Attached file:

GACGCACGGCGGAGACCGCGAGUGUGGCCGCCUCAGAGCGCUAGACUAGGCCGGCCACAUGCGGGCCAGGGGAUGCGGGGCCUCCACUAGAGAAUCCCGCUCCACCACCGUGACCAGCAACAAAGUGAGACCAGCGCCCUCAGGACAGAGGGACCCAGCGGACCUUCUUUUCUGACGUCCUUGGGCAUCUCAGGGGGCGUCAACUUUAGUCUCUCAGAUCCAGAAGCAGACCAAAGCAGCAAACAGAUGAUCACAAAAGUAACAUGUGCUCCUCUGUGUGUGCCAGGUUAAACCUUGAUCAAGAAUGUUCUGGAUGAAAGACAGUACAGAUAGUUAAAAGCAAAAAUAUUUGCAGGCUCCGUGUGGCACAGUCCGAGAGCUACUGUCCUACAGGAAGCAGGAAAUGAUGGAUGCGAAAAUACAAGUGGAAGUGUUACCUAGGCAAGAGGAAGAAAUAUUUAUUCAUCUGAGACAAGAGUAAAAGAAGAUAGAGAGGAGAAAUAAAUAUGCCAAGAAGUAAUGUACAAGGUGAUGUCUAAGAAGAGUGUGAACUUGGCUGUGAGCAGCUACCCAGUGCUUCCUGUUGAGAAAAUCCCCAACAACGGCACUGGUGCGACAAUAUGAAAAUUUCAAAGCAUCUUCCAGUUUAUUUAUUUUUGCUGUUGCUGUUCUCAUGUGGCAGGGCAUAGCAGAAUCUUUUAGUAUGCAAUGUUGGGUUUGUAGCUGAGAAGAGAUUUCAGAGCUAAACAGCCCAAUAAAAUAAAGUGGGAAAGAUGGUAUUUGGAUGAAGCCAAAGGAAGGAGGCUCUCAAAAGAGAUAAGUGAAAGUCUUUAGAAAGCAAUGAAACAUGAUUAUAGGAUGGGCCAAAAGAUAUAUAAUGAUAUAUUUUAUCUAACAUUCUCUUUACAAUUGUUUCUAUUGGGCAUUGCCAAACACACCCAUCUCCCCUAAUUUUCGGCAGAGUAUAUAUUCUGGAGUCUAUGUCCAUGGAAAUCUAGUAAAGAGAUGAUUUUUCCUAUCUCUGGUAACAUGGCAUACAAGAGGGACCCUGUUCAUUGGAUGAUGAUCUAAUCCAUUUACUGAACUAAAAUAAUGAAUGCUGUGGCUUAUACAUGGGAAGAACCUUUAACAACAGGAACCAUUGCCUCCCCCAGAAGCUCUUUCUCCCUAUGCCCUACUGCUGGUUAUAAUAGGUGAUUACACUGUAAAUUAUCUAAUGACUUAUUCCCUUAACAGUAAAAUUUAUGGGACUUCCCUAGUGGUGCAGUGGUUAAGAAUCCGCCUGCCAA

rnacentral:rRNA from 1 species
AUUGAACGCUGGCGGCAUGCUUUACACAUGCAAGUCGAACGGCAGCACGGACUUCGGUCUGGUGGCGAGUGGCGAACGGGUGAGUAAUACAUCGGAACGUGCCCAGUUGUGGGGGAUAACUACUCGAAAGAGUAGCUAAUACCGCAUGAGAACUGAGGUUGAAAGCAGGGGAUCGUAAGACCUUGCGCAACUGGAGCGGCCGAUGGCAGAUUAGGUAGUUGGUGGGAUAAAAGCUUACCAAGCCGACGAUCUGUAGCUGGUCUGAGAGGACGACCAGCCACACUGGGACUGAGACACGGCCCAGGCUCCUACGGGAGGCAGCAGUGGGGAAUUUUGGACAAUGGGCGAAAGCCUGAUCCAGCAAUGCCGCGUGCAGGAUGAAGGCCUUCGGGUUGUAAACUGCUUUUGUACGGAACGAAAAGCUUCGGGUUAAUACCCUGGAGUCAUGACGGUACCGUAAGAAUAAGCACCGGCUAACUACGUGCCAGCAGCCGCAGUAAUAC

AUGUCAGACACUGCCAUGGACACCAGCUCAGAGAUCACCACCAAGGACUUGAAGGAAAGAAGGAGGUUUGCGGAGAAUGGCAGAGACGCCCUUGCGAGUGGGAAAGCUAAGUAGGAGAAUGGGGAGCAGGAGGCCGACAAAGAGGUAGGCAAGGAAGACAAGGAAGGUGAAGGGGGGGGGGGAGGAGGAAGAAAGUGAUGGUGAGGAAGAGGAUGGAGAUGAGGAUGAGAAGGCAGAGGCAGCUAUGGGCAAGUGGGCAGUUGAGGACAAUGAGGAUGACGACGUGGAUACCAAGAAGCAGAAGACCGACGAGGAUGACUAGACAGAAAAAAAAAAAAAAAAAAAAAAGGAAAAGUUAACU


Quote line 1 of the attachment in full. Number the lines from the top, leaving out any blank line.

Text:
GACGCACGGCGGAGACCGCGAGUGUGGCCGCCUCAGAGCGCUAGACUAGGCCGGCCACAUGCGGGCCAGGGGAUGCGGGGCCUCCACUAGAGAAUCCCGCUCCACCACCGUGACCAGCAACAAAGUGAGACCAGCGCCCUCAGGACAGAGGGACCCAGCGGACCUUCUUUUCUGACGUCCUUGGGCAUCUCAGGGGGCGUCAACUUUAGUCUCUCAGAUCCAGAAGCAGACCAAAGCAGCAAACAGAUGAUCACAAAAGUAACAUGUGCUCCUCUGUGUGUGCCAGGUUAAACCUUGAUCAAGAAUGUUCUGGAUGAAAGACAGUACAGAUAGUUAAAAGCAAAAAUAUUUGCAGGCUCCGUGUGGCACAGUCCGAGAGCUACUGUCCUACAGGAAGCAGGAAAUGAUGGAUGCGAAAAUACAAGUGGAAGUGUUACCUAGGCAAGAGGAAGAAAUAUUUAUUCAUCUGAGACAAGAGUAAAAGAAGAUAGAGAGGAGAAAUAAAUAUGCCAAGAAGUAAUGUACAAGGUGAUGUCUAAGAAGAGUGUGAACUUGGCUGUGAGCAGCUACCCAGUGCUUCCUGUUGAGAAAAUCCCCAACAACGGCACUGGUGCGACAAUAUGAAAAUUUCAAAGCAUCUUCCAGUUUAUUUAUUUUUGCUGUUGCUGUUCUCAUGUGGCAGGGCAUAGCAGAAUCUUUUAGUAUGCAAUGUUGGGUUUGUAGCUGAGAAGAGAUUUCAGAGCUAAACAGCCCAAUAAAAUAAAGUGGGAAAGAUGGUAUUUGGAUGAAGCCAAAGGAAGGAGGCUCUCAAAAGAGAUAAGUGAAAGUCUUUAGAAAGCAAUGAAACAUGAUUAUAGGAUGGGCCAAAAGAUAUAUAAUGAUAUAUUUUAUCUAACAUUCUCUUUACAAUUGUUUCUAUUGGGCAUUGCCAAACACACCCAUCUCCCCUAAUUUUCGGCAGAGUAUAUAUUCUGGAGUCUAUGUCCAUGGAAAUCUAGUAAAGAGAUGAUUUUUCCUAUCUCUGGUAACAUGGCAUACAAGAGGGACCCUGUUCAUUGGAUGAUGAUCUAAUCCAUUUACUGAACUAAAAUAAUGAAUGCUGUGGCUUAUACAUGGGAAGAACCUUUAACAACAGGAACCAUUGCCUCCCCCAGAAGCUCUUUCUCCCUAUGCCCUACUGCUGGUUAUAAUAGGUGAUUACACUGUAAAUUAUCUAAUGACUUAUUCCCUUAACAGUAAAAUUUAUGGGACUUCCCUAGUGGUGCAGUGGUUAAGAAUCCGCCUGCCAA